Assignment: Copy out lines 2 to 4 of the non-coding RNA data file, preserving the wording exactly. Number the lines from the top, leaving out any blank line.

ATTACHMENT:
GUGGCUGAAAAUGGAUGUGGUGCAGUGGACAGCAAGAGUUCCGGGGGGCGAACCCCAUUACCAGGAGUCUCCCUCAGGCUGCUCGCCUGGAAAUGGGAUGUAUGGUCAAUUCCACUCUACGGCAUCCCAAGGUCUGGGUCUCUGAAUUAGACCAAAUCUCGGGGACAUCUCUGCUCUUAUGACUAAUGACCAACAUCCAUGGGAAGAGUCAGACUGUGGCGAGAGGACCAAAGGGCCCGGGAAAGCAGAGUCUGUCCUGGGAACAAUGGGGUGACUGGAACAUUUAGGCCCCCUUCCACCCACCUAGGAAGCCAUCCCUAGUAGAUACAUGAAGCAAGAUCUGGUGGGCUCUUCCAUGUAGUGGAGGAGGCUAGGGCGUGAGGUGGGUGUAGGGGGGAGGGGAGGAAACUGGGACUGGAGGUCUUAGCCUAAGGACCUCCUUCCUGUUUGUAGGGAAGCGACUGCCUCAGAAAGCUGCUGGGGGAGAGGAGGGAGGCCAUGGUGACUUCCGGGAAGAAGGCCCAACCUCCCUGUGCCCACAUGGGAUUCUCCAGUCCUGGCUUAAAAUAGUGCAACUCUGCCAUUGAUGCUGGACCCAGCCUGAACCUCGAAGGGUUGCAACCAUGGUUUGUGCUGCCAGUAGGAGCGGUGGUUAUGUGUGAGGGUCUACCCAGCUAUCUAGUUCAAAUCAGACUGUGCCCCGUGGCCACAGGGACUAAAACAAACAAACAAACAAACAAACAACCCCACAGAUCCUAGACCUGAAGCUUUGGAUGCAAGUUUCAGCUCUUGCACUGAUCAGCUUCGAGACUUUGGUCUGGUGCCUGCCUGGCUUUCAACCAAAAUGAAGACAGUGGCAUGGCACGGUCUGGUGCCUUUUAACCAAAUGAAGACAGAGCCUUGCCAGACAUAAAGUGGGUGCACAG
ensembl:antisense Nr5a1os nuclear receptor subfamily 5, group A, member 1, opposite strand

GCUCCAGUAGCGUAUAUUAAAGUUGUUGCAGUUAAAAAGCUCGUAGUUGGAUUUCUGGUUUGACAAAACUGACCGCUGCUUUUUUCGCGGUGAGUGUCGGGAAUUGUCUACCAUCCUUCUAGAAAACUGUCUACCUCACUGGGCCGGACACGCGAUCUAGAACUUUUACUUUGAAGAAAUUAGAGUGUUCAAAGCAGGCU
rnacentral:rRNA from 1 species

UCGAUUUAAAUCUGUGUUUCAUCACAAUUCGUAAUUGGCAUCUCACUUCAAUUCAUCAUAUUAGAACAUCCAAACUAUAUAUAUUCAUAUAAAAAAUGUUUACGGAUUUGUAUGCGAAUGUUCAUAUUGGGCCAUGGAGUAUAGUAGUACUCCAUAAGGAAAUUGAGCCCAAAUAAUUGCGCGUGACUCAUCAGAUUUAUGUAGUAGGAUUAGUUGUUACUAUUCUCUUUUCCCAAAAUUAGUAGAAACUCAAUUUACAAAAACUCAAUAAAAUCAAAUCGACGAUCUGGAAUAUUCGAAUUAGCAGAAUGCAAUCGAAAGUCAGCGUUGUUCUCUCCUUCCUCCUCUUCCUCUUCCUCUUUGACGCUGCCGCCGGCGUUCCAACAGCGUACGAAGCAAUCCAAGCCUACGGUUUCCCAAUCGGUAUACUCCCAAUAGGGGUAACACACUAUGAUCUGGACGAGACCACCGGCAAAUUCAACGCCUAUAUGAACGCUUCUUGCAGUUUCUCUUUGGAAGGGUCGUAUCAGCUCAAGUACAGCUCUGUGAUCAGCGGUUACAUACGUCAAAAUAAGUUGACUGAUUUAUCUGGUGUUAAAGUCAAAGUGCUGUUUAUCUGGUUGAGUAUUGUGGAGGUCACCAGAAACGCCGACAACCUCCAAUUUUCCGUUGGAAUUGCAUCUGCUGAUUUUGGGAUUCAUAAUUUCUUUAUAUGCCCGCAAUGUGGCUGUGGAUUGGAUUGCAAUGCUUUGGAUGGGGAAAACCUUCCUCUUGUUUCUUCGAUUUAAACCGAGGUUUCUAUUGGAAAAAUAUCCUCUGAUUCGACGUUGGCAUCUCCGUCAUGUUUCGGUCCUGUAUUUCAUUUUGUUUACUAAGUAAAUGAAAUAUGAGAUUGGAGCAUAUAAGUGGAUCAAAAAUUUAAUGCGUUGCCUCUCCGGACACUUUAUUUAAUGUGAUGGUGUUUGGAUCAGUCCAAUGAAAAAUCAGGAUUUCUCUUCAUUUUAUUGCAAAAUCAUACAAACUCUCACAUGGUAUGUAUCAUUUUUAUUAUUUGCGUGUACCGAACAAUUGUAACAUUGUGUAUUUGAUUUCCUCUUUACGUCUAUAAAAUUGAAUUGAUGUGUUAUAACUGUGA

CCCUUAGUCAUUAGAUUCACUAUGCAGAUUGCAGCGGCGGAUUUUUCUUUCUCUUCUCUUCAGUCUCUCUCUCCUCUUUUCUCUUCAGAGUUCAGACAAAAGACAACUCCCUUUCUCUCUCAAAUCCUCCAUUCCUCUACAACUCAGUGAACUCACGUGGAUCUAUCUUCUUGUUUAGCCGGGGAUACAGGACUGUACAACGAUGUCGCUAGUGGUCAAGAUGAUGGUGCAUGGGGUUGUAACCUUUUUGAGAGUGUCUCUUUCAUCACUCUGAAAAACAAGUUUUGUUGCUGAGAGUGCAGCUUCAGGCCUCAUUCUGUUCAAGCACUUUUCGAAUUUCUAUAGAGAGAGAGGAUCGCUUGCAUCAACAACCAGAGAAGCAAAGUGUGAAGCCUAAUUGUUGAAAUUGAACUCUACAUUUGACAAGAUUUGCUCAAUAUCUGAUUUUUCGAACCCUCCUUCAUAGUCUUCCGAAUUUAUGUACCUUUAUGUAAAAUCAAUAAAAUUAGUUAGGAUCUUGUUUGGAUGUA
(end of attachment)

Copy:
ensembl:antisense Nr5a1os nuclear receptor subfamily 5, group A, member 1, opposite strand

GCUCCAGUAGCGUAUAUUAAAGUUGUUGCAGUUAAAAAGCUCGUAGUUGGAUUUCUGGUUUGACAAAACUGACCGCUGCUUUUUUCGCGGUGAGUGUCGGGAAUUGUCUACCAUCCUUCUAGAAAACUGUCUACCUCACUGGGCCGGACACGCGAUCUAGAACUUUUACUUUGAAGAAAUUAGAGUGUUCAAAGCAGGCU
rnacentral:rRNA from 1 species